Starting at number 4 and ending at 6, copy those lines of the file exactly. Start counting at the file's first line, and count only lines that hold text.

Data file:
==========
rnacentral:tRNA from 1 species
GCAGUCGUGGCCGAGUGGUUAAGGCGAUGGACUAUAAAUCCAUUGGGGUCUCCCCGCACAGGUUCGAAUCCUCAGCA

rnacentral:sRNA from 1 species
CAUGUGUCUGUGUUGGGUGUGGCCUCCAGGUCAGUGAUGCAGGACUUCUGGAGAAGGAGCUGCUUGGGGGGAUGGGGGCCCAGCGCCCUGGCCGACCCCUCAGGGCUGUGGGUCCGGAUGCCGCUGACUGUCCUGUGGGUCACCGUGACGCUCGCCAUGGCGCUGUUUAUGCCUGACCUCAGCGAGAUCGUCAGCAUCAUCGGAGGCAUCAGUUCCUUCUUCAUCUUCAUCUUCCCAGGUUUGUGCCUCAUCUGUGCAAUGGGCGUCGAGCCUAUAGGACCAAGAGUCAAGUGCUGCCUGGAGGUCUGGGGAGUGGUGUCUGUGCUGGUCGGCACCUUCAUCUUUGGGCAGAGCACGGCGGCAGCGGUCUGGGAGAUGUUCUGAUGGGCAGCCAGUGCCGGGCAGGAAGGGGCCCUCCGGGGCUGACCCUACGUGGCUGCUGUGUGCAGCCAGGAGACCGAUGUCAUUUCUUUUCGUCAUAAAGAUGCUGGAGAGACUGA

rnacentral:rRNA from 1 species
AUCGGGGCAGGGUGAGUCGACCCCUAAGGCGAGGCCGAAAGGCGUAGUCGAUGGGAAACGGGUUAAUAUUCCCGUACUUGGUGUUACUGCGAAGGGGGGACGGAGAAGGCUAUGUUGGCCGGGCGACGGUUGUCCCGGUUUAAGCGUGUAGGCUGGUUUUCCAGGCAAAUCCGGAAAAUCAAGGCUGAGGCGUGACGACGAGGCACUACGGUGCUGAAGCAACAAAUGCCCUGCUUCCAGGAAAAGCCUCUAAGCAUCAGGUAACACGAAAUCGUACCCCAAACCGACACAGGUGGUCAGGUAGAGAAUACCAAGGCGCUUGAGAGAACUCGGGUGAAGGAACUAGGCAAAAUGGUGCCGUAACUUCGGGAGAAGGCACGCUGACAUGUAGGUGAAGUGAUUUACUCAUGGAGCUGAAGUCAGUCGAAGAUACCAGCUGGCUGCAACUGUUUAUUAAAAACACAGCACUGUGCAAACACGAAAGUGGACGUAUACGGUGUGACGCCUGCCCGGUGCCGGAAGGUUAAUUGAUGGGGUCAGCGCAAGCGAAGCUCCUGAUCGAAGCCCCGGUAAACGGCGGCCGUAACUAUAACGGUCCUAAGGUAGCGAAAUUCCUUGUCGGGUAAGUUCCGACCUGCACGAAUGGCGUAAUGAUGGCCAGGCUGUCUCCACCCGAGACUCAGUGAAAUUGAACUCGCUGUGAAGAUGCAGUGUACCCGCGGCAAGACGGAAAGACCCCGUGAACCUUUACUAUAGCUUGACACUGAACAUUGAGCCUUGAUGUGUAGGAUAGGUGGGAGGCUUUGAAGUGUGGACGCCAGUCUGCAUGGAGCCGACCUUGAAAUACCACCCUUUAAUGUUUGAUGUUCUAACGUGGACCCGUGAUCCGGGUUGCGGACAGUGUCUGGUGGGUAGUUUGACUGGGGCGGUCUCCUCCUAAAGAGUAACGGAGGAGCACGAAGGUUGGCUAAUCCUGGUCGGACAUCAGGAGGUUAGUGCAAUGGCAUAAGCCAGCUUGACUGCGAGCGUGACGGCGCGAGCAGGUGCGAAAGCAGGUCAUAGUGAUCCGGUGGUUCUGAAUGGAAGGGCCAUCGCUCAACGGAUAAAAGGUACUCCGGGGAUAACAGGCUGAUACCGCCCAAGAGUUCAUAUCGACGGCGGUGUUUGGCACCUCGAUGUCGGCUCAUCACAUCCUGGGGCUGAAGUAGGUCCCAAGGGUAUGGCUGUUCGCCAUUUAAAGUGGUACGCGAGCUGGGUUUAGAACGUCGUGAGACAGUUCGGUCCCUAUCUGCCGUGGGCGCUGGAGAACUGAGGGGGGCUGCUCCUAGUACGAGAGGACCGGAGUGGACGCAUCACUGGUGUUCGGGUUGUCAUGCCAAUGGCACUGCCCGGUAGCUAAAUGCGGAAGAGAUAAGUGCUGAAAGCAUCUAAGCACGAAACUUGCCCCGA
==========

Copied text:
CAUGUGUCUGUGUUGGGUGUGGCCUCCAGGUCAGUGAUGCAGGACUUCUGGAGAAGGAGCUGCUUGGGGGGAUGGGGGCCCAGCGCCCUGGCCGACCCCUCAGGGCUGUGGGUCCGGAUGCCGCUGACUGUCCUGUGGGUCACCGUGACGCUCGCCAUGGCGCUGUUUAUGCCUGACCUCAGCGAGAUCGUCAGCAUCAUCGGAGGCAUCAGUUCCUUCUUCAUCUUCAUCUUCCCAGGUUUGUGCCUCAUCUGUGCAAUGGGCGUCGAGCCUAUAGGACCAAGAGUCAAGUGCUGCCUGGAGGUCUGGGGAGUGGUGUCUGUGCUGGUCGGCACCUUCAUCUUUGGGCAGAGCACGGCGGCAGCGGUCUGGGAGAUGUUCUGAUGGGCAGCCAGUGCCGGGCAGGAAGGGGCCCUCCGGGGCUGACCCUACGUGGCUGCUGUGUGCAGCCAGGAGACCGAUGUCAUUUCUUUUCGUCAUAAAGAUGCUGGAGAGACUGA

rnacentral:rRNA from 1 species
AUCGGGGCAGGGUGAGUCGACCCCUAAGGCGAGGCCGAAAGGCGUAGUCGAUGGGAAACGGGUUAAUAUUCCCGUACUUGGUGUUACUGCGAAGGGGGGACGGAGAAGGCUAUGUUGGCCGGGCGACGGUUGUCCCGGUUUAAGCGUGUAGGCUGGUUUUCCAGGCAAAUCCGGAAAAUCAAGGCUGAGGCGUGACGACGAGGCACUACGGUGCUGAAGCAACAAAUGCCCUGCUUCCAGGAAAAGCCUCUAAGCAUCAGGUAACACGAAAUCGUACCCCAAACCGACACAGGUGGUCAGGUAGAGAAUACCAAGGCGCUUGAGAGAACUCGGGUGAAGGAACUAGGCAAAAUGGUGCCGUAACUUCGGGAGAAGGCACGCUGACAUGUAGGUGAAGUGAUUUACUCAUGGAGCUGAAGUCAGUCGAAGAUACCAGCUGGCUGCAACUGUUUAUUAAAAACACAGCACUGUGCAAACACGAAAGUGGACGUAUACGGUGUGACGCCUGCCCGGUGCCGGAAGGUUAAUUGAUGGGGUCAGCGCAAGCGAAGCUCCUGAUCGAAGCCCCGGUAAACGGCGGCCGUAACUAUAACGGUCCUAAGGUAGCGAAAUUCCUUGUCGGGUAAGUUCCGACCUGCACGAAUGGCGUAAUGAUGGCCAGGCUGUCUCCACCCGAGACUCAGUGAAAUUGAACUCGCUGUGAAGAUGCAGUGUACCCGCGGCAAGACGGAAAGACCCCGUGAACCUUUACUAUAGCUUGACACUGAACAUUGAGCCUUGAUGUGUAGGAUAGGUGGGAGGCUUUGAAGUGUGGACGCCAGUCUGCAUGGAGCCGACCUUGAAAUACCACCCUUUAAUGUUUGAUGUUCUAACGUGGACCCGUGAUCCGGGUUGCGGACAGUGUCUGGUGGGUAGUUUGACUGGGGCGGUCUCCUCCUAAAGAGUAACGGAGGAGCACGAAGGUUGGCUAAUCCUGGUCGGACAUCAGGAGGUUAGUGCAAUGGCAUAAGCCAGCUUGACUGCGAGCGUGACGGCGCGAGCAGGUGCGAAAGCAGGUCAUAGUGAUCCGGUGGUUCUGAAUGGAAGGGCCAUCGCUCAACGGAUAAAAGGUACUCCGGGGAUAACAGGCUGAUACCGCCCAAGAGUUCAUAUCGACGGCGGUGUUUGGCACCUCGAUGUCGGCUCAUCACAUCCUGGGGCUGAAGUAGGUCCCAAGGGUAUGGCUGUUCGCCAUUUAAAGUGGUACGCGAGCUGGGUUUAGAACGUCGUGAGACAGUUCGGUCCCUAUCUGCCGUGGGCGCUGGAGAACUGAGGGGGGCUGCUCCUAGUACGAGAGGACCGGAGUGGACGCAUCACUGGUGUUCGGGUUGUCAUGCCAAUGGCACUGCCCGGUAGCUAAAUGCGGAAGAGAUAAGUGCUGAAAGCAUCUAAGCACGAAACUUGCCCCGA